Europe South Asia Asia Pacific Americas Middle East Africa BBC Homepage World Service Education



Front Page

World

UK

UK Politics

Business

Sci/Tech

Health

Education

Sport

Entertainment

Talking Point

In Depth

On Air

Archive
Feedback
Low Graphics
Help

Wednesday, June 9, 1999 Published at 10:11 GMT 11:11 UK


UK

Ee bah gum, it's in t' dictionary

Our Vera would be proud. Coronation Street helped "Ee" into the dictionary.

By 'eck! Them daft 'apeths at t'Oxford Dictionary have gone all northern.


The BBC's Kevin Bocquet: "To really get to grips with the new phrases, you'd have to study it twenty four - seven"
Or put another way, the north of England exclamation "Ee!" - indicating surprise or dismay - has been officially recognised by that arbiter of correct English, the Oxford Dictionary.

Fitting in snuggly between Edwardian and EEC, the phrase - most usually associated with cartoon strip hero Andy Capp and Manchester soap Coronation Street - is defined as a "northern English form of Oh!".

The new version of the Concise Oxford Dictionary (COD) also finds room for the southern, attention-grabbing exclamation "Oy!".


[ image: Andy Capp: Ee 's champion]
Andy Capp: Ee 's champion
The editors of the new edition also include words such as "outie" - a homeless person - from South Africa.

Another new word finding its way into the COD is "greenwash" - an ecological version of whitewash, whereby a company covers up its actions in order to appear more environmentally-friendly.

Other new entries among the COD's 24,000 words are "docusoap", "Viagra" and "blokeish".


Penny Silva with John Humphries on Radio 4's Today: English enriched by borrowing
The phrase "24-7" - meaning 24 hours a day, seven days a week - and "Y2K", indicating the year 2000, are also included for the first time.

The abbreviation GM - indicating genetically-modified and grant-maintained, among other definitions - also makes its debut.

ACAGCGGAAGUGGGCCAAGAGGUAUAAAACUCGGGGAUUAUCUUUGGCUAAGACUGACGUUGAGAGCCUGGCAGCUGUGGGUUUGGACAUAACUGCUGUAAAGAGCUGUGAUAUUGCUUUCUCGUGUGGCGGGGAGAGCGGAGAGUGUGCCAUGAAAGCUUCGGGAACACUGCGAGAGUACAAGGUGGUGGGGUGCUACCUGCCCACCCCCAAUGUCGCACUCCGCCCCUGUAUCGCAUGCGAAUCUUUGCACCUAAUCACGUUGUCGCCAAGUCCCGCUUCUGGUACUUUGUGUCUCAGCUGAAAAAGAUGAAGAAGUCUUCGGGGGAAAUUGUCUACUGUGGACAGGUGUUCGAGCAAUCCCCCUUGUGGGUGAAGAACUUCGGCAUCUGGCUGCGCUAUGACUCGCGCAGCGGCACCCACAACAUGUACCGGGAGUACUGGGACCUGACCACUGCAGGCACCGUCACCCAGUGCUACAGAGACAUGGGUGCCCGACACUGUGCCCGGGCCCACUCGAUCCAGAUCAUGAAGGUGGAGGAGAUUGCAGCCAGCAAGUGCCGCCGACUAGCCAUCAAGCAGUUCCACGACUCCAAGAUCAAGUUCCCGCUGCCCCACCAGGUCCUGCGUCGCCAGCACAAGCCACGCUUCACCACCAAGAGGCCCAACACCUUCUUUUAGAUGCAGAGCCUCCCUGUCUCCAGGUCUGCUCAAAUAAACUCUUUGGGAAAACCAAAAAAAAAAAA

Corrupt English

Penny Silver, deputy chief editor of the COD, said the inclusion of new words from the English regions and abroad reflected their increasing use in everyday language.

She told BBC Radio 4's Today programme: "English has always been very good at corrupting itself.

"English enriches itself by borrowing.

"I don't think there is any danger of words getting in that are not important, because we have the Oxford world reading programme.

"That watches the language, collects data, and unless the words are well established and appear in a whole lot of publications over a period of time, they are not going to get in."



Advanced options | Search tips




Back to top | BBC News Home | BBC Homepage | ©


UK Contents

Northern Ireland
Scotland
Wales
England

Relevant Stories

02 Jun 99 | UK
Microsoft words

03 Mar 99 | UK
Speaking out for regional accents

19 Jan 99 | UK
What bugged you in 1998?

18 Dec 98 | UK
It's the w**d on the s****t

13 Aug 98 | UK
'To boldly go' gets green light

12 Aug 98 | UK
Ta-da - A language's new vocabulary





Internet Links


Andy Capp

Coronation Street

Oxford University Press


The BBC is not responsible for the content of external internet sites.




In this section

Next steps for peace

Blairs' surprise over baby

Bowled over by Lord's

Beef row 'compromise' under fire

Hamilton 'would sell mother'

Industry misses new trains target

From Sport
Quins fightback shocks Cardiff

From Business
Vodafone takeover battle heats up

IRA ceasefire challenge rejected

Thousands celebrate Asian culture

From Sport
Christie could get two-year ban

From Entertainment
Colleagues remember Compo

Mother pleads for baby's return

Toys withdrawn in E.coli health scare

From Health
Nurses role set to expand

Israeli PM's plane in accident

More lottery cash for grassroots

Pro-lifers plan shock launch

Double killer gets life

From Health
Cold 'cure' comes one step closer

From UK Politics
Straw on trial over jury reform

Tatchell calls for rights probe into Mugabe

Ex-spy stays out in the cold

From UK Politics
Blair warns Livingstone

From Health
Smear equipment `misses cancers'

From Entertainment
Boyzone star gets in Christmas spirit

Fake bubbly warning

Murder jury hears dead girl's diary

From UK Politics
Germ warfare fiasco revealed

Blair babe triggers tabloid frenzy

Tourists shot by mistake

A new look for News Online